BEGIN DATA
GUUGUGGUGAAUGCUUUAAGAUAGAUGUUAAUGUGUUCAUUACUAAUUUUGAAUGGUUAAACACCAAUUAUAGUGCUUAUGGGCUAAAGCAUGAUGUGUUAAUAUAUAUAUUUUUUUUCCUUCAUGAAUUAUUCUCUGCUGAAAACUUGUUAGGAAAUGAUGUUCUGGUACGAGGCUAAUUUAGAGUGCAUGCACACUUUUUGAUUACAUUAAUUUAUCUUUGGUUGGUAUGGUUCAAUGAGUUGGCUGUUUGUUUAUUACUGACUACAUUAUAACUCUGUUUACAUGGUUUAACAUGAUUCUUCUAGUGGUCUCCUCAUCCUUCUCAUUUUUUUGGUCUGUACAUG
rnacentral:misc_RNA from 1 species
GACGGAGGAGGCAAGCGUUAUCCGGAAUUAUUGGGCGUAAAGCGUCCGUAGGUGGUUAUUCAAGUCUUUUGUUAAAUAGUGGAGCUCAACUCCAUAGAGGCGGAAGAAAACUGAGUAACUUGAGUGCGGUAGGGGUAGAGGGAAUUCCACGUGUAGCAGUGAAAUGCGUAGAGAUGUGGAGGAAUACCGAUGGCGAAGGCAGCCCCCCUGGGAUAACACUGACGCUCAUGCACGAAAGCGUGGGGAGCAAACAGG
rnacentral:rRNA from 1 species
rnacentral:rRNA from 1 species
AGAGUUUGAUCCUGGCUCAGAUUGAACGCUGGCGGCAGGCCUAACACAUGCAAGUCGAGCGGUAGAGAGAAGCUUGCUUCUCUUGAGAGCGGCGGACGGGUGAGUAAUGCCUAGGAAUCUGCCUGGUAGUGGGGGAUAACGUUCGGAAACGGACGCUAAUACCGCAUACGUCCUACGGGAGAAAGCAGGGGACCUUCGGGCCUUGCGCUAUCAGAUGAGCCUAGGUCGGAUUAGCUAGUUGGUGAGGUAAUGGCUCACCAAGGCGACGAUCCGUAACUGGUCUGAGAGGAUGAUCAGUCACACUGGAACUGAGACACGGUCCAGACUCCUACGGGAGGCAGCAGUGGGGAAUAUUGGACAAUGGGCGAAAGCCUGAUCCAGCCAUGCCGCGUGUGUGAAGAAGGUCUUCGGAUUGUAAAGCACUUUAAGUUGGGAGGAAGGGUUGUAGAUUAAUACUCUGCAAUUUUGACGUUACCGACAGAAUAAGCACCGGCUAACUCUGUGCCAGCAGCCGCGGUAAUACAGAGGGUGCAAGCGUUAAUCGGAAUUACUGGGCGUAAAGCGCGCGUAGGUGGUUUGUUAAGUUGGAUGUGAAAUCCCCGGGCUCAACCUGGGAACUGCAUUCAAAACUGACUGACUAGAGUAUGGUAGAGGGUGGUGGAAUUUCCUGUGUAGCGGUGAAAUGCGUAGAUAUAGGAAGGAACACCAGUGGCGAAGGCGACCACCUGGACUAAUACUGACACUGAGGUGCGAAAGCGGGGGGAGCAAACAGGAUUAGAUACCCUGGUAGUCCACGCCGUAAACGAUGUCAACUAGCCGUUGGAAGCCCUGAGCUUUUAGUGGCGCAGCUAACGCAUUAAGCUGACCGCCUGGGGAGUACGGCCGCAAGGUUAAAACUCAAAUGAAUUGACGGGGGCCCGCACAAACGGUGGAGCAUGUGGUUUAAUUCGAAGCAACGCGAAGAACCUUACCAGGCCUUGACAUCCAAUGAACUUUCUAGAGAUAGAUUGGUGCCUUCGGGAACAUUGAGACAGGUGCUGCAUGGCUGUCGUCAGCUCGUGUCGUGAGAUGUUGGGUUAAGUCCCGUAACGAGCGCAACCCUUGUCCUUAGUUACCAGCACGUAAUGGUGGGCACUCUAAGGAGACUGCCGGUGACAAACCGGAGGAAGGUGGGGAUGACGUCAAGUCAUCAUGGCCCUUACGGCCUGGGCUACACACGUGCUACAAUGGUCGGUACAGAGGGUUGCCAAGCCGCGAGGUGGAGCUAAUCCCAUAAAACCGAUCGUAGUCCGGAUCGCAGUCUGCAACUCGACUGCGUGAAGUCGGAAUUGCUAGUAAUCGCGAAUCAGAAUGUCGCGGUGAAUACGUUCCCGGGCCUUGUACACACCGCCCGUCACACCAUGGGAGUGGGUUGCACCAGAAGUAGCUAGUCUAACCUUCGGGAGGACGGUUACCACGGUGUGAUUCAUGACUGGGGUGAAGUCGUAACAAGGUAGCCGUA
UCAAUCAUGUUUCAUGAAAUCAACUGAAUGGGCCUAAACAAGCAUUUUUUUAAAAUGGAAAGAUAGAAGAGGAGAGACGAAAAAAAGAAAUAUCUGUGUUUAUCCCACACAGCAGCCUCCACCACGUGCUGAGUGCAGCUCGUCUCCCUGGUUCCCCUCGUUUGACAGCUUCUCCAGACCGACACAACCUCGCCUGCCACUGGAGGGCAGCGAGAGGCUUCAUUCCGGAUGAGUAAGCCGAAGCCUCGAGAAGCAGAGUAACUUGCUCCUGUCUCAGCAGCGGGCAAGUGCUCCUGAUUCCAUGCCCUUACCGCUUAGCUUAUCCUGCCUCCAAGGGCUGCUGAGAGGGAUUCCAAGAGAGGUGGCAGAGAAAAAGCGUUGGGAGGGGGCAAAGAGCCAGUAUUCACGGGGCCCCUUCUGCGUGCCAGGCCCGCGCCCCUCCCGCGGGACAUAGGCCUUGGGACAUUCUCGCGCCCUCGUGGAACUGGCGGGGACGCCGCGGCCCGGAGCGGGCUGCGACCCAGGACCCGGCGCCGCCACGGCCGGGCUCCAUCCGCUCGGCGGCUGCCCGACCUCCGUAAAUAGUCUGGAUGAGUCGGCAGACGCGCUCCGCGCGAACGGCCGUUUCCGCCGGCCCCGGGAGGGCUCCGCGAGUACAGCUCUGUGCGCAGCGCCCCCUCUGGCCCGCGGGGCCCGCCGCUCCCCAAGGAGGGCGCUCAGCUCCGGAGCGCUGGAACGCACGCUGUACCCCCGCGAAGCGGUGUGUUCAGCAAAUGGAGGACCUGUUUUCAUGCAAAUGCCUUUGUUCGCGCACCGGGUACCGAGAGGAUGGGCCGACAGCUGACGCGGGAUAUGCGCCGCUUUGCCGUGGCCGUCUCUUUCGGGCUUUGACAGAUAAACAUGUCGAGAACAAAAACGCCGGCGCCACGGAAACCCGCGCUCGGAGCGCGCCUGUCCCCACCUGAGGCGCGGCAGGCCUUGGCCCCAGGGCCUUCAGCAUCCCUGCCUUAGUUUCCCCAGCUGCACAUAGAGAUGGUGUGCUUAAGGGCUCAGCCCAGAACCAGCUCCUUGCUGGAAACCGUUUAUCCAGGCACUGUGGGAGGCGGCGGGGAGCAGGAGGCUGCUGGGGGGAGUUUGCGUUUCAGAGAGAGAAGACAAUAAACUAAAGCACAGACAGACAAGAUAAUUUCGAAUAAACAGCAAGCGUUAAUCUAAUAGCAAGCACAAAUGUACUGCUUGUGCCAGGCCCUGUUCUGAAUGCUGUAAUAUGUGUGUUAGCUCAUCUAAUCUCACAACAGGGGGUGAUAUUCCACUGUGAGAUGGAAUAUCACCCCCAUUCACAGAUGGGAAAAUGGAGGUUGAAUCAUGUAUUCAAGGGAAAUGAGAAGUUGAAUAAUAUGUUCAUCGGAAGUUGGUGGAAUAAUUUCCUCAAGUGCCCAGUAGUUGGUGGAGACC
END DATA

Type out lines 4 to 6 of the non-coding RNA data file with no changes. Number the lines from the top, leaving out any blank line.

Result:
rnacentral:rRNA from 1 species
rnacentral:rRNA from 1 species
AGAGUUUGAUCCUGGCUCAGAUUGAACGCUGGCGGCAGGCCUAACACAUGCAAGUCGAGCGGUAGAGAGAAGCUUGCUUCUCUUGAGAGCGGCGGACGGGUGAGUAAUGCCUAGGAAUCUGCCUGGUAGUGGGGGAUAACGUUCGGAAACGGACGCUAAUACCGCAUACGUCCUACGGGAGAAAGCAGGGGACCUUCGGGCCUUGCGCUAUCAGAUGAGCCUAGGUCGGAUUAGCUAGUUGGUGAGGUAAUGGCUCACCAAGGCGACGAUCCGUAACUGGUCUGAGAGGAUGAUCAGUCACACUGGAACUGAGACACGGUCCAGACUCCUACGGGAGGCAGCAGUGGGGAAUAUUGGACAAUGGGCGAAAGCCUGAUCCAGCCAUGCCGCGUGUGUGAAGAAGGUCUUCGGAUUGUAAAGCACUUUAAGUUGGGAGGAAGGGUUGUAGAUUAAUACUCUGCAAUUUUGACGUUACCGACAGAAUAAGCACCGGCUAACUCUGUGCCAGCAGCCGCGGUAAUACAGAGGGUGCAAGCGUUAAUCGGAAUUACUGGGCGUAAAGCGCGCGUAGGUGGUUUGUUAAGUUGGAUGUGAAAUCCCCGGGCUCAACCUGGGAACUGCAUUCAAAACUGACUGACUAGAGUAUGGUAGAGGGUGGUGGAAUUUCCUGUGUAGCGGUGAAAUGCGUAGAUAUAGGAAGGAACACCAGUGGCGAAGGCGACCACCUGGACUAAUACUGACACUGAGGUGCGAAAGCGGGGGGAGCAAACAGGAUUAGAUACCCUGGUAGUCCACGCCGUAAACGAUGUCAACUAGCCGUUGGAAGCCCUGAGCUUUUAGUGGCGCAGCUAACGCAUUAAGCUGACCGCCUGGGGAGUACGGCCGCAAGGUUAAAACUCAAAUGAAUUGACGGGGGCCCGCACAAACGGUGGAGCAUGUGGUUUAAUUCGAAGCAACGCGAAGAACCUUACCAGGCCUUGACAUCCAAUGAACUUUCUAGAGAUAGAUUGGUGCCUUCGGGAACAUUGAGACAGGUGCUGCAUGGCUGUCGUCAGCUCGUGUCGUGAGAUGUUGGGUUAAGUCCCGUAACGAGCGCAACCCUUGUCCUUAGUUACCAGCACGUAAUGGUGGGCACUCUAAGGAGACUGCCGGUGACAAACCGGAGGAAGGUGGGGAUGACGUCAAGUCAUCAUGGCCCUUACGGCCUGGGCUACACACGUGCUACAAUGGUCGGUACAGAGGGUUGCCAAGCCGCGAGGUGGAGCUAAUCCCAUAAAACCGAUCGUAGUCCGGAUCGCAGUCUGCAACUCGACUGCGUGAAGUCGGAAUUGCUAGUAAUCGCGAAUCAGAAUGUCGCGGUGAAUACGUUCCCGGGCCUUGUACACACCGCCCGUCACACCAUGGGAGUGGGUUGCACCAGAAGUAGCUAGUCUAACCUUCGGGAGGACGGUUACCACGGUGUGAUUCAUGACUGGGGUGAAGUCGUAACAAGGUAGCCGUA